Healing and hope for fighters, survivors and newly diagnosed breast cancer patients
Joye Hilton, MA, LPC
October is a month that many associate with haunted houses, tricks, treats, and scary things, while others think of a much scarier scenario: cancer!
“You have cancer” is a shocking statement that nobody wants to hear. However, it is expected that in 2019 there will be 268,600 new cases of women diagnosed with invasive breast cancer in the United States and 2,670 new cases of breast cancer will be diagnosed in men.
October is set aside for Breast Cancer Awareness. As you walk through any store, you will see pink everywhere – hats, T-shirts, socks, bandanas, keychains, ink pens, and an array of other products that have that familiar pink ribbon. There are fashion shows, races, mobile mammographies, concerts, galas, and slogans galore to bring awareness and raise funds to help fight the disease.
A new diagnosis can lead to an array of emotions such as feeling angry, sad, alone, afraid, hopeless, guilty, or confused, just to name a few. But, there is hope, and there is help.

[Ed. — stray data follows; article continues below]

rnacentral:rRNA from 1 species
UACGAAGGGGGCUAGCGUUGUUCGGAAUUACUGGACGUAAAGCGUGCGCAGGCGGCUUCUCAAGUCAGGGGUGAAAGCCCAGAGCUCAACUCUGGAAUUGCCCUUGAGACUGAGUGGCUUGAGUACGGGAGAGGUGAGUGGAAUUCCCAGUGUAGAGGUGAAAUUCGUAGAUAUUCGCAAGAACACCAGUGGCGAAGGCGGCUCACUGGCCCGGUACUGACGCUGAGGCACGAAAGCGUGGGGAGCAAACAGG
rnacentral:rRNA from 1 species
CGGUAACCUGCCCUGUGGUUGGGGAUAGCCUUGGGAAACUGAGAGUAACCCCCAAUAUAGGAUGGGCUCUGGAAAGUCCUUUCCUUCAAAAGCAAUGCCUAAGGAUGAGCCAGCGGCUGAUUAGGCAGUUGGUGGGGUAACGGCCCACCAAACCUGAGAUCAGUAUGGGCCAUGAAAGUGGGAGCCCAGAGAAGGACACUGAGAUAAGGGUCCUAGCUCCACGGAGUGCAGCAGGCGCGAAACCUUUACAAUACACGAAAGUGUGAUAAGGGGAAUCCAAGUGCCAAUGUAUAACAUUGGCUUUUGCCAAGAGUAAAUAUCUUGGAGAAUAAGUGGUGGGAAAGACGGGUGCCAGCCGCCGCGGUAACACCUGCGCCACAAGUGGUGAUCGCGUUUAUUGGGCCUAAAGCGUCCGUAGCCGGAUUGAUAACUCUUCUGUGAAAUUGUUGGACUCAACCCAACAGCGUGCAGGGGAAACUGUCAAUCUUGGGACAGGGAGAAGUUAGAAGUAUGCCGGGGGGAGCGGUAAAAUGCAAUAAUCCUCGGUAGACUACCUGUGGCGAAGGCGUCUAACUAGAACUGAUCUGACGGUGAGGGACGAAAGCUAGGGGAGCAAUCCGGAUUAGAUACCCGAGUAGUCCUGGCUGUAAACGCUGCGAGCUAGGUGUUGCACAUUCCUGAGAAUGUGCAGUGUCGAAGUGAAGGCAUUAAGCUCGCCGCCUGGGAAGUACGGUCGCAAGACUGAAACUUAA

Two commonly reported symptoms after diagnosis are depression and anxiety:
- Depression: loss of interest, isolation, loss of appetite or overeating, changes in sleep patterns, prolonged feelings of sadness, guilt, hopelessness or suicidal thoughts, uncontrollable crying
- Anxiety: excessive worry, irritability, insomnia, fear of death/dying, trembling, racing heart while in a relaxed state, unwanted thoughts
These symptoms make sense for such a life-altering diagnosis as breast cancer. However, with advancements in early detection, treatments, and longer life expectancy following diagnosis, one should return to normal day-to-day routines quickly. But, there is cause for concern when these symptoms are prolonged and start to take over a person’s life. Individual, family, or group counseling may help those who are diagnosed with breast cancer and experiencing any of these symptoms. At HopeHealth, in-office screenings can help identify areas of need and the best course of action to get from despair to hope.
HopeHealth offers behavioral health services in Manning, Kingstree, Aiken, Orangeburg, and Florence. HopeHealth is a partner of the South Carolina Best Chance Network; a South Carolina breast and cervical cancer early detection program that helps women needing breast and cervical cancer screening.
Breast cancer is a battle no one should fight alone. Ask your primary care provider today about finding a behavioral health specialist in your area who can help.
Joye Hilton, MA, LPC, is a behavioral health consultant at HopeHealth in Manning and HopeHealth Pediatrics in Manning. She is a licensed professional counselor who approaches treatment holistically.